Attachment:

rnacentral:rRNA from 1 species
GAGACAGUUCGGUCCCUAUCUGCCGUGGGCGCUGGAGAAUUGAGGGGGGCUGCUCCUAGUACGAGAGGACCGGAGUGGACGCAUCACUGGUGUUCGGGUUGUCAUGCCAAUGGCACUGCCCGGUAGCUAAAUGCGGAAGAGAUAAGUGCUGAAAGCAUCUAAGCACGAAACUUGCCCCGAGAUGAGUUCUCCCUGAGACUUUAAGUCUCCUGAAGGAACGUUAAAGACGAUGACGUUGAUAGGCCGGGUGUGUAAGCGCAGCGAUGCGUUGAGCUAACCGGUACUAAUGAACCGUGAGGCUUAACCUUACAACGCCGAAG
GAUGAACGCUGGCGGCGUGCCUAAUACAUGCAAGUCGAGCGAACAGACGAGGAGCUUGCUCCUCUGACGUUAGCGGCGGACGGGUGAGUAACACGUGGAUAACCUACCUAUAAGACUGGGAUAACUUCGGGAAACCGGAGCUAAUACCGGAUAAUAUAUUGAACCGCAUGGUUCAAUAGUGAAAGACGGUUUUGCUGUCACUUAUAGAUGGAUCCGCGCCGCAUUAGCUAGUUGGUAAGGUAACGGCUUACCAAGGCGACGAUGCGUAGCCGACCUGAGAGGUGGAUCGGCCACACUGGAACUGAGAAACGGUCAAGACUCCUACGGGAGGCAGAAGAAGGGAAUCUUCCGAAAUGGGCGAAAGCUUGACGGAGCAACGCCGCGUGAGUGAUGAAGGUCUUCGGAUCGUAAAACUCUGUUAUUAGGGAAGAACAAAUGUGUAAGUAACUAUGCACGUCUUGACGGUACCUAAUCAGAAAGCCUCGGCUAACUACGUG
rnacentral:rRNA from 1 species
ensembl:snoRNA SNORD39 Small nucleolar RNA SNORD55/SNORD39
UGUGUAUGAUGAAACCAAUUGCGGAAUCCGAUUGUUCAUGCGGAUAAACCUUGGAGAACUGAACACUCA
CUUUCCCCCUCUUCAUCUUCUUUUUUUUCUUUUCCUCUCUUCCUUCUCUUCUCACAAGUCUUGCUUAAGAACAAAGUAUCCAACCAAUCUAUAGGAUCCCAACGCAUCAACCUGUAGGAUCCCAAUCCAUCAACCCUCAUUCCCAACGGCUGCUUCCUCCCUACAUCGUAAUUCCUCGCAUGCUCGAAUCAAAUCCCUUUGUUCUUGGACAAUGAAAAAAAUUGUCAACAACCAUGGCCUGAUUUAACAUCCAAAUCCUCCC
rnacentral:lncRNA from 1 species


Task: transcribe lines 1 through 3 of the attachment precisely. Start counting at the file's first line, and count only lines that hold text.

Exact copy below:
rnacentral:rRNA from 1 species
GAGACAGUUCGGUCCCUAUCUGCCGUGGGCGCUGGAGAAUUGAGGGGGGCUGCUCCUAGUACGAGAGGACCGGAGUGGACGCAUCACUGGUGUUCGGGUUGUCAUGCCAAUGGCACUGCCCGGUAGCUAAAUGCGGAAGAGAUAAGUGCUGAAAGCAUCUAAGCACGAAACUUGCCCCGAGAUGAGUUCUCCCUGAGACUUUAAGUCUCCUGAAGGAACGUUAAAGACGAUGACGUUGAUAGGCCGGGUGUGUAAGCGCAGCGAUGCGUUGAGCUAACCGGUACUAAUGAACCGUGAGGCUUAACCUUACAACGCCGAAG
GAUGAACGCUGGCGGCGUGCCUAAUACAUGCAAGUCGAGCGAACAGACGAGGAGCUUGCUCCUCUGACGUUAGCGGCGGACGGGUGAGUAACACGUGGAUAACCUACCUAUAAGACUGGGAUAACUUCGGGAAACCGGAGCUAAUACCGGAUAAUAUAUUGAACCGCAUGGUUCAAUAGUGAAAGACGGUUUUGCUGUCACUUAUAGAUGGAUCCGCGCCGCAUUAGCUAGUUGGUAAGGUAACGGCUUACCAAGGCGACGAUGCGUAGCCGACCUGAGAGGUGGAUCGGCCACACUGGAACUGAGAAACGGUCAAGACUCCUACGGGAGGCAGAAGAAGGGAAUCUUCCGAAAUGGGCGAAAGCUUGACGGAGCAACGCCGCGUGAGUGAUGAAGGUCUUCGGAUCGUAAAACUCUGUUAUUAGGGAAGAACAAAUGUGUAAGUAACUAUGCACGUCUUGACGGUACCUAAUCAGAAAGCCUCGGCUAACUACGUG